- Contributed by
- People in story:
- Bert Bleach
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- 26 February 2004
The 4th Battalion Royal Sussex Regiment was in 133 infantry Brigade, the Sussex had three battalions in this brigade, the 2nd was a regular army battalion, 4th and 5th Territorial Army battalions.
Each division in the army had 3 brigades. We were part of the 44 Home Counties Division.
We arrived in France in early April 1940 and were soon to see action in France and Belgium.
After being driven back from several defensive positions by a Germany army who were equipped with more superior equipment than ours, we were finally given the task of defending the railway and road crossing at Caistre.
We occupied some of the shops and houses where people had left furniture and abandoned cows, pigs and chicken. They had moved back to what they thought would be a safer area.
We had no tanks or aircraft to support us, as there were only a few in France. Often the Germans would have one small plane above us guiding and giving range to their artillery. On one occasion our Colonel, Colonel Whistler (later General) sent back a message request “Give me a Hurricane for half an hour” but there were none to give.
Another young soldier, named Ted Hiliman (Trigger) and I were sent up 200 yards in front of our forward position to set up a reconnaissance post. We were given binoculars, a bike, paper and pencil, shovel and pick. We dug a hole or trench in the grass verge where we had good vision for about a mile across flat country refugees were pouring past all the time carrying a few belongings such as blankets and chairs.
We had to take turns at reporting back to battalion HQ on what we had seen. At first it was fairly quiet, but later in the afternoon we saw German tanks and heavy guns parked up and firing in our direction.
When it was Trigger’s turn to report back with this information on the bike, across cobbled streets not nice to ride on! After an hour he had not returned and so I went back with a report. When I went into the HQ Orderly room Trigger was sitting in there drinking tea. I said “What’s on?” and he replied “We don’t have to man it any more”. We back to our platoon and dug another trench in a garden.
In the early hours of the next morning our patrols reported that the Germans Were ready to put in a large attack with tanks. We had no tanks to stop them so the battalion was ordered to retreat to Mont de Cat where we were heavily attacked with shells and from the air. All our transport was put out of action and we were continuously bombed and machine gunned.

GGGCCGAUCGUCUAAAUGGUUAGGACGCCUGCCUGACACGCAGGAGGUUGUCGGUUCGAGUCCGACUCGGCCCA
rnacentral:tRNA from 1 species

Bob Clements, Ted Hillman and myself were in the garden of a house when
We heard Captain Howe calling for anyone who was left behind to go into the house.
He explained that the battalion had left for Ostend and we had to go there. (It was
Later that we were to go to Dunkirk).
In the house was another of my platoon members, Bill Stones from East Grinstead. He was badly wounded in the leg and when we asked the Captain “What about our mate?” he said “I’m afraid we can’t take him, we will have a job to get there ourselves”. Bill sat there and heard all this, but there was nothing we could do for him. As we left him sitting there we said “Cheerio” and hoped he would soon be captured and taken care of (which he was). He said to us “Cheerio I hope you make it to Ostend and safely home”.
Leaving him there was one of the hardest things I have ever had to do. But our orders were to go to Ostend.
By this time we had gathered together two artillery men and a man from another regiment, and they tagged on to us to Dunkirk.
The roads were full of abandoned equipment which bad mostly been destroyed before being left. We were lucky when we found a lorry with keys and plenty of petrol and Captain Howe could drive. Most of the houses we passed were flying white sheets or towels to indicate they had surrendered.
We arrived at DePanne at about 9.3Opm on the 30th May 1940, hungry and tired and I slept all night on the dunes.
In the morning Captain Howe had scrounged some tea and hard biscuits for the seven of us. He was a good officer and like a father to us boys. I guess he was about 30 years of age, a Sussex farmer in peace time. He led us down to the beach where we mingled with thousands of other troops. At about midday we were lucky to grab a large rowing boat that should have had four oars, but only three, so we paddled with our rifles to a small trawler which was supposed to be picked up men and taking them out to a much larger boat which was too big to get close to the shore.
When we got to the larger boat we were told they were unable to take any more and so the trawler brought us back to Dover, from where we caught a train to Tidworth.
At Dover the WVS were giving us tea and some very welcome sandwiches, and as I sat on the train one of the women came along and unlaced my boots. When I awoke we had arrived in Tidworth.
In 1944 the Red Cross arranged with both sides to repatriate seriously wounded prisoners, Bill Stones was one of them, and he lived for many years after the war in a wheelchair.
Entered by Petersfield Library
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